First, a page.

“Inkheart”, “Inkspell” and “Inkdeath” are centred around Meggie, who in the beginning is a twelve-year-old girl, living with her father in a small house, filled to the brim with books.  “Stacks of books were piled high all over the house – not just arranged in neat rows on bookshelves, the way other people kept them, oh no! The books in Mo and Meggie’s house were stacked under tables, on chairs, in the corners of the rooms. There were books in the kitchen and books in the lavatory. Books on the TV set and in the closet, small piles of books, tall piles of books, books thick and thin, books old and new. They welcomed Meggie down to breakfast with invitingly opened pages; they kept boredom at bay when the weather was bad. And sometimes you fell over them.” Mortimer, Meggie’s father, is a bookbinder. He treats and looks after books which are falling apart and whose pages are sagging. He has managed to instil his love and adulations for novels and stories into his daughter’s heart. Bearing in mind that Meggie’s mother purportedly set out on a great adventure when Meggie was just a toddler, her father and she have developed an exceptional father-daughter relationship. I relished reading about it because it frequently conjured up memories of my childhood and all the games, make-belief and fun my dad and I used to rejoice in.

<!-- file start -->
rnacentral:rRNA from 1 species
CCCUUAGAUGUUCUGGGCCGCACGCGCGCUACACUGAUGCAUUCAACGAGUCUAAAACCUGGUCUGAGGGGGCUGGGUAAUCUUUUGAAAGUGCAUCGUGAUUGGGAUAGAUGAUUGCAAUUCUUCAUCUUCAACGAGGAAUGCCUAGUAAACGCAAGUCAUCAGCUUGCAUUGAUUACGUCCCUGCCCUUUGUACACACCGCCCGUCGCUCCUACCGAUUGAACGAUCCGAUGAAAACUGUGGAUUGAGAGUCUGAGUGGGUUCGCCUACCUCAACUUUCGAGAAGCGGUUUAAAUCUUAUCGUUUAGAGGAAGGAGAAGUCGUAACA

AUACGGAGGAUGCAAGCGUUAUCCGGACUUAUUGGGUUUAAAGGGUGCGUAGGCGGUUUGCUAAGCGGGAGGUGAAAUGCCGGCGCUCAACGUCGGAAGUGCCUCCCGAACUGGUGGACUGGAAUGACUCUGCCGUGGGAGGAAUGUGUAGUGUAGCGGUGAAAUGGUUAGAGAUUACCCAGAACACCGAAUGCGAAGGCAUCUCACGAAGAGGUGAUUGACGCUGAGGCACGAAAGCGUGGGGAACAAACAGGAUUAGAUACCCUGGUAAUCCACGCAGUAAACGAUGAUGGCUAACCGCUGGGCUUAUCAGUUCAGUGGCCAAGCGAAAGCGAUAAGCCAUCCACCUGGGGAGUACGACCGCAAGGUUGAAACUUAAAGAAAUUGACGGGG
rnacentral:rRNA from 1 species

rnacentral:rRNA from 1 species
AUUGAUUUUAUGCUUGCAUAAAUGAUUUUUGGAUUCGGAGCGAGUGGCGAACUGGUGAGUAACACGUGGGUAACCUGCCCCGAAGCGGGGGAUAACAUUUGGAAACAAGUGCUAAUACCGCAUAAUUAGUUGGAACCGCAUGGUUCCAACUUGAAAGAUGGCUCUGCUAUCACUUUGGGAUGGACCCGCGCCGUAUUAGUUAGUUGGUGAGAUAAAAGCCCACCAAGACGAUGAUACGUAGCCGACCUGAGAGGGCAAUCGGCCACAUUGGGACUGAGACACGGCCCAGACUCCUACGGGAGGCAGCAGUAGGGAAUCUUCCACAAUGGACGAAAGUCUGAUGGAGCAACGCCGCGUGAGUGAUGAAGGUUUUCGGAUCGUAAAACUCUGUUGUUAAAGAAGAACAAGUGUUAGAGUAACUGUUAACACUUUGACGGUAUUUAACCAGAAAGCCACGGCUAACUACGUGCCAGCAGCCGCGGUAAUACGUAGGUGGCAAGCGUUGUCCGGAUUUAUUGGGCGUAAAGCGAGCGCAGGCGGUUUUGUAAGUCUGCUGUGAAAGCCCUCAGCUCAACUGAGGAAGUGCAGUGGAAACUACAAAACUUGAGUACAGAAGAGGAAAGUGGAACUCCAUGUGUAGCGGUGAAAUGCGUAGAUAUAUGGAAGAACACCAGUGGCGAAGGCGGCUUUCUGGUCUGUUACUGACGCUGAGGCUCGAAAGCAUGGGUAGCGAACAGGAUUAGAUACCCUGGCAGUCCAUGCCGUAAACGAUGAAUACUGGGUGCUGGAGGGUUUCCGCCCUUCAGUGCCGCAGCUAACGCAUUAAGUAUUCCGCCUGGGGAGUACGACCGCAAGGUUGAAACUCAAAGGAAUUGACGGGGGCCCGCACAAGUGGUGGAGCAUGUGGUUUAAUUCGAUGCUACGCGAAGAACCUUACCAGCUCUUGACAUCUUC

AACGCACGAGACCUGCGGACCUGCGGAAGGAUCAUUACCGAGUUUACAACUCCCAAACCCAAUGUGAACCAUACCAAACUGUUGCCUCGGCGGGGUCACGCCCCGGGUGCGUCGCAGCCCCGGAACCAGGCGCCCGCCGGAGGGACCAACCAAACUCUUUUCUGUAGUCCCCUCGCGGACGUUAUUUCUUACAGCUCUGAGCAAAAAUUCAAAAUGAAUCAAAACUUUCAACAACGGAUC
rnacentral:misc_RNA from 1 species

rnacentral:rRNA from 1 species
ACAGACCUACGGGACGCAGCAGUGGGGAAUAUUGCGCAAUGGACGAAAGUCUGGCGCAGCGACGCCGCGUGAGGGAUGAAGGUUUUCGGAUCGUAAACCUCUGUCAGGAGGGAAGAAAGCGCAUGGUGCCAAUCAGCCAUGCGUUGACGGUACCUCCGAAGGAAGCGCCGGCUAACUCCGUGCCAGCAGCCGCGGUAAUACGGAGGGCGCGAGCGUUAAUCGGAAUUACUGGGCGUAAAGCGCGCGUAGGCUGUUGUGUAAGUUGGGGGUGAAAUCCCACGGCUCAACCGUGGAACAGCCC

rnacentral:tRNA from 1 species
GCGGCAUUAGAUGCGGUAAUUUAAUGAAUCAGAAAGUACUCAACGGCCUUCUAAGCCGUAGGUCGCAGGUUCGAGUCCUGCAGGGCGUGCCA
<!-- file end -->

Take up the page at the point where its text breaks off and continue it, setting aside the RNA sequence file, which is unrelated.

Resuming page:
Even though it is generally believed that a girl cannot be properly brought up without a female figure, Mo has raised a beautiful, vivacious and benign girl who  thinks the world of her father. The enormity of trust, understanding, consideration and mutual concern in every relationship is profusely emphasized in each sequel.  As the story unfolds, a lot of friendships are stricken up and soon irrevocably broken, and a lot of hearts flutter joyfully before they get irreparably broken. But the turmoil of corrosive events and poignant feelings ascertains the profound values of friendship and love along with degrading betrayal, secrets, cowardliness and unctuousness.